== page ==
Mark Snodgrass, vice president of Merrill Lynch’s in-house technology provider, the Global Technology & Services group, said that the company has found that rebuilding its information infrastructure using Linux can reduce administration costs dramatically. In fact, Snodgrass found that although the software licensing costs of Windows was higher than Linux, the highest cost was in managing traditional Windows infrastructure. “It’s the people that cost the most,” he said.
Merrill Lynch’s new plans for its information infrastructure call for running much of its Linux applications not on their own physical machines but in virtual machines running on high-end servers. Such a scheme simplifies management and allows for rapid deployment of new Linux “servers” by activating a copy of a stored preconfigured image in as little as 2 minutes 14 seconds.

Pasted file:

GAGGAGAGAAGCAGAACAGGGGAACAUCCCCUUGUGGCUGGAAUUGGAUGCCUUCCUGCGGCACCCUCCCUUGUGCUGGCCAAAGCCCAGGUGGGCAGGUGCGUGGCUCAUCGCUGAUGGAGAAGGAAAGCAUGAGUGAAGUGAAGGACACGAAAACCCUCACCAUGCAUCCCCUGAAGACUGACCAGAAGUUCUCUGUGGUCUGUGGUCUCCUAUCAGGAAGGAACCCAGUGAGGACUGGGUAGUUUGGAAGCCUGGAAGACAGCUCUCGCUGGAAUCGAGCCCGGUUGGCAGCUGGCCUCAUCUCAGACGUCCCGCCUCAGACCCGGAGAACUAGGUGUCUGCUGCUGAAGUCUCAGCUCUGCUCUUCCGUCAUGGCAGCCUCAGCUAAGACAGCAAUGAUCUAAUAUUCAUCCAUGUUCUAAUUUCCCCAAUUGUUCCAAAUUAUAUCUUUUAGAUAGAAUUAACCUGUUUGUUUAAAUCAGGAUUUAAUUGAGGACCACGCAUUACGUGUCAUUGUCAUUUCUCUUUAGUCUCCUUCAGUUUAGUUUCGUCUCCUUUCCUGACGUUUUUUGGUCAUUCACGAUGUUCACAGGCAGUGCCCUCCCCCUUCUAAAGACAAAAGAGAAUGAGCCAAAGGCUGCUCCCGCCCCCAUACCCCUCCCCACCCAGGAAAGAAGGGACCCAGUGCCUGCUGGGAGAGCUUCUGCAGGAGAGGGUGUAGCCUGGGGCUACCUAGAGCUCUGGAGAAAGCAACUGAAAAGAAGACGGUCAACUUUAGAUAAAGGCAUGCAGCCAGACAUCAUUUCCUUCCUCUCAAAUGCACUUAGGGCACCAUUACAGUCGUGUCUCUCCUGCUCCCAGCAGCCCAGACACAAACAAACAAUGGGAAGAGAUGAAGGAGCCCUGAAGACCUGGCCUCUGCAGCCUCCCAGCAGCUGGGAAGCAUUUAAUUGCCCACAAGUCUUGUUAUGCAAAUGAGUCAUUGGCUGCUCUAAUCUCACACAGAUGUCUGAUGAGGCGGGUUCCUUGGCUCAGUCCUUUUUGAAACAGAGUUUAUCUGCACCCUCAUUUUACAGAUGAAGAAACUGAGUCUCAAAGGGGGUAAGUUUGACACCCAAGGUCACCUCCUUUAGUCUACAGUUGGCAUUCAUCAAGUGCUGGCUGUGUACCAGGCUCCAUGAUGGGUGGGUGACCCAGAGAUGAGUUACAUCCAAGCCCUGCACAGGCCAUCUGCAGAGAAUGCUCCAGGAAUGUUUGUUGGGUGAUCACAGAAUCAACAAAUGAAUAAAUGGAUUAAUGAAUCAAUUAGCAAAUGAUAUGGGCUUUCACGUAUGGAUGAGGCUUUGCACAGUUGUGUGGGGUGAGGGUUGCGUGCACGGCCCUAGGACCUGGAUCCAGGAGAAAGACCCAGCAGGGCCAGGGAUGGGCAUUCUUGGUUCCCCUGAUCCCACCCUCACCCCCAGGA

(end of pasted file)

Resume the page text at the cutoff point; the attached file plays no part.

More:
Snodgrass said the next target for using Linux could be on the desktop. The company plans to do a pilot project that will allow thin clients–computers with minimal hardware requirements–to be used as workstations. The applications would actually run on Linux and Windows terminal servers. To a customer, the result would be the same, but to the company’s administrators, all of the client’s data would be centrally stored and thus, much easier to maintain.
The irony that companies may be moving toward an infrastructure that resembles the mainframe-and-terminal setups of several decades ago didn’t escape Snodgrass.
“It’s interesting when Solaris and Windows are the ‘legacy,’ and mainframes are the new big thing,” he said.
Some very interesting comments, especially the part about using Linux on thin clients on desktop. That is exactly what we are doing. Of ourse, for small organisations, they don’t need a mainframe as a server – a new desktop will be more than good enough.